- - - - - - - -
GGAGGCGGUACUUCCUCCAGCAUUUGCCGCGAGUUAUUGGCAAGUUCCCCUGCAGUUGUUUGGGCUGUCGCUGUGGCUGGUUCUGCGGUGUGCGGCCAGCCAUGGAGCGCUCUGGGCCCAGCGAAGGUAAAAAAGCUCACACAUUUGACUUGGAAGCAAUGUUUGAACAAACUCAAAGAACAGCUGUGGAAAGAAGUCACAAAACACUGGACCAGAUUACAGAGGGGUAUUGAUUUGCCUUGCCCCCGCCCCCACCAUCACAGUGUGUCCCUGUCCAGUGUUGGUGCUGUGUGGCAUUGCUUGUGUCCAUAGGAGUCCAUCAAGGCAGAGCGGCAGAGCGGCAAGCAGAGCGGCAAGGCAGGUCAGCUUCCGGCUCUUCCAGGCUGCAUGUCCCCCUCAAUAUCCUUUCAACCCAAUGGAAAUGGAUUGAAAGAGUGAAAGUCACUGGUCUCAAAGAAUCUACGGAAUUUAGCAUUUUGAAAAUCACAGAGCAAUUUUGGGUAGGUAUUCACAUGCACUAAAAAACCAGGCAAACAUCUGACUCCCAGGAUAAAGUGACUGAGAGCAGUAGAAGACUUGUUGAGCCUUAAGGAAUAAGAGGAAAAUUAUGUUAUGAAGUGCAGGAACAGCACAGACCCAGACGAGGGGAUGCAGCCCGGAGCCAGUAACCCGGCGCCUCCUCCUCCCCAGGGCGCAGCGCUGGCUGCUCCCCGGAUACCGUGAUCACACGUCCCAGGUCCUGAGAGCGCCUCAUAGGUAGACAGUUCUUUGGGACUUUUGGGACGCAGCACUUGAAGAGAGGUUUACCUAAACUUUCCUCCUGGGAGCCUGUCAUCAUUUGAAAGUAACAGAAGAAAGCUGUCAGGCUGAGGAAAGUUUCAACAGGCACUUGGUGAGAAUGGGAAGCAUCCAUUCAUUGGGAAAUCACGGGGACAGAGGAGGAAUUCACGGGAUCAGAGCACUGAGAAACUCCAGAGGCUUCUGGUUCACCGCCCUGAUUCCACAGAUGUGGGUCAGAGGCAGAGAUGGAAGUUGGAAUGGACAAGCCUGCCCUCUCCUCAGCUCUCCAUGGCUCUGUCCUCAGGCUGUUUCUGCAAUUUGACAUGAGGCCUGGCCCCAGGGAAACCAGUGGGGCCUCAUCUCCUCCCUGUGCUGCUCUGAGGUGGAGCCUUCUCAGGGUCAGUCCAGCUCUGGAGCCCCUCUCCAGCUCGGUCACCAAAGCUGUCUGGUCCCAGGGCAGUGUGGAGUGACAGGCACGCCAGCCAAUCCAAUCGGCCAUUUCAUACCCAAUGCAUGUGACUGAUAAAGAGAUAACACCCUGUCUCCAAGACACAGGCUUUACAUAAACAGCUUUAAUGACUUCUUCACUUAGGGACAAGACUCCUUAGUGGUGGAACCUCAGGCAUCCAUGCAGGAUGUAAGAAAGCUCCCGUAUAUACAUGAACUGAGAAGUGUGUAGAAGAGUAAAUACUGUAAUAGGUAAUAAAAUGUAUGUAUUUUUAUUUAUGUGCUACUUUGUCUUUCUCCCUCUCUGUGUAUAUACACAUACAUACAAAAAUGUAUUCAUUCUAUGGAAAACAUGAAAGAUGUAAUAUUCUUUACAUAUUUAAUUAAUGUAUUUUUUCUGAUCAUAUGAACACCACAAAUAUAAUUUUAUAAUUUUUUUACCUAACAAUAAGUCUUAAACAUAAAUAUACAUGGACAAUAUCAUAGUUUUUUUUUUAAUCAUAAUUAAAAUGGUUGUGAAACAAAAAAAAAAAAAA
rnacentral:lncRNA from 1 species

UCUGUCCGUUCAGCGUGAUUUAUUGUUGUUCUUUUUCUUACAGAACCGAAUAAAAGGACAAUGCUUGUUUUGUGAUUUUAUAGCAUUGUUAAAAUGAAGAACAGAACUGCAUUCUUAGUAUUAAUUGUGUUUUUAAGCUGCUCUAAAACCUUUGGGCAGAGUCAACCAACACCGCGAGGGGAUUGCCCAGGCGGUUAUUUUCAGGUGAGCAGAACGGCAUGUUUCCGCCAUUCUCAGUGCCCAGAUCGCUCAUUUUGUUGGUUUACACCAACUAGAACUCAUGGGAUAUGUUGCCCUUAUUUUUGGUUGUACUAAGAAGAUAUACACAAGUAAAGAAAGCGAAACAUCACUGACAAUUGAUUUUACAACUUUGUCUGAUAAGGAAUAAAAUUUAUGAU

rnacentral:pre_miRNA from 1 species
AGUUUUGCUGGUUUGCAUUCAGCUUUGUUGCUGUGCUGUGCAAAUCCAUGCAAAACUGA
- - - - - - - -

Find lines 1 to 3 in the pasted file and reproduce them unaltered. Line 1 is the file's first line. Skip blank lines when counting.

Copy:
GGAGGCGGUACUUCCUCCAGCAUUUGCCGCGAGUUAUUGGCAAGUUCCCCUGCAGUUGUUUGGGCUGUCGCUGUGGCUGGUUCUGCGGUGUGCGGCCAGCCAUGGAGCGCUCUGGGCCCAGCGAAGGUAAAAAAGCUCACACAUUUGACUUGGAAGCAAUGUUUGAACAAACUCAAAGAACAGCUGUGGAAAGAAGUCACAAAACACUGGACCAGAUUACAGAGGGGUAUUGAUUUGCCUUGCCCCCGCCCCCACCAUCACAGUGUGUCCCUGUCCAGUGUUGGUGCUGUGUGGCAUUGCUUGUGUCCAUAGGAGUCCAUCAAGGCAGAGCGGCAGAGCGGCAAGCAGAGCGGCAAGGCAGGUCAGCUUCCGGCUCUUCCAGGCUGCAUGUCCCCCUCAAUAUCCUUUCAACCCAAUGGAAAUGGAUUGAAAGAGUGAAAGUCACUGGUCUCAAAGAAUCUACGGAAUUUAGCAUUUUGAAAAUCACAGAGCAAUUUUGGGUAGGUAUUCACAUGCACUAAAAAACCAGGCAAACAUCUGACUCCCAGGAUAAAGUGACUGAGAGCAGUAGAAGACUUGUUGAGCCUUAAGGAAUAAGAGGAAAAUUAUGUUAUGAAGUGCAGGAACAGCACAGACCCAGACGAGGGGAUGCAGCCCGGAGCCAGUAACCCGGCGCCUCCUCCUCCCCAGGGCGCAGCGCUGGCUGCUCCCCGGAUACCGUGAUCACACGUCCCAGGUCCUGAGAGCGCCUCAUAGGUAGACAGUUCUUUGGGACUUUUGGGACGCAGCACUUGAAGAGAGGUUUACCUAAACUUUCCUCCUGGGAGCCUGUCAUCAUUUGAAAGUAACAGAAGAAAGCUGUCAGGCUGAGGAAAGUUUCAACAGGCACUUGGUGAGAAUGGGAAGCAUCCAUUCAUUGGGAAAUCACGGGGACAGAGGAGGAAUUCACGGGAUCAGAGCACUGAGAAACUCCAGAGGCUUCUGGUUCACCGCCCUGAUUCCACAGAUGUGGGUCAGAGGCAGAGAUGGAAGUUGGAAUGGACAAGCCUGCCCUCUCCUCAGCUCUCCAUGGCUCUGUCCUCAGGCUGUUUCUGCAAUUUGACAUGAGGCCUGGCCCCAGGGAAACCAGUGGGGCCUCAUCUCCUCCCUGUGCUGCUCUGAGGUGGAGCCUUCUCAGGGUCAGUCCAGCUCUGGAGCCCCUCUCCAGCUCGGUCACCAAAGCUGUCUGGUCCCAGGGCAGUGUGGAGUGACAGGCACGCCAGCCAAUCCAAUCGGCCAUUUCAUACCCAAUGCAUGUGACUGAUAAAGAGAUAACACCCUGUCUCCAAGACACAGGCUUUACAUAAACAGCUUUAAUGACUUCUUCACUUAGGGACAAGACUCCUUAGUGGUGGAACCUCAGGCAUCCAUGCAGGAUGUAAGAAAGCUCCCGUAUAUACAUGAACUGAGAAGUGUGUAGAAGAGUAAAUACUGUAAUAGGUAAUAAAAUGUAUGUAUUUUUAUUUAUGUGCUACUUUGUCUUUCUCCCUCUCUGUGUAUAUACACAUACAUACAAAAAUGUAUUCAUUCUAUGGAAAACAUGAAAGAUGUAAUAUUCUUUACAUAUUUAAUUAAUGUAUUUUUUCUGAUCAUAUGAACACCACAAAUAUAAUUUUAUAAUUUUUUUACCUAACAAUAAGUCUUAAACAUAAAUAUACAUGGACAAUAUCAUAGUUUUUUUUUUAAUCAUAAUUAAAAUGGUUGUGAAACAAAAAAAAAAAAAA
rnacentral:lncRNA from 1 species

UCUGUCCGUUCAGCGUGAUUUAUUGUUGUUCUUUUUCUUACAGAACCGAAUAAAAGGACAAUGCUUGUUUUGUGAUUUUAUAGCAUUGUUAAAAUGAAGAACAGAACUGCAUUCUUAGUAUUAAUUGUGUUUUUAAGCUGCUCUAAAACCUUUGGGCAGAGUCAACCAACACCGCGAGGGGAUUGCCCAGGCGGUUAUUUUCAGGUGAGCAGAACGGCAUGUUUCCGCCAUUCUCAGUGCCCAGAUCGCUCAUUUUGUUGGUUUACACCAACUAGAACUCAUGGGAUAUGUUGCCCUUAUUUUUGGUUGUACUAAGAAGAUAUACACAAGUAAAGAAAGCGAAACAUCACUGACAAUUGAUUUUACAACUUUGUCUGAUAAGGAAUAAAAUUUAUGAU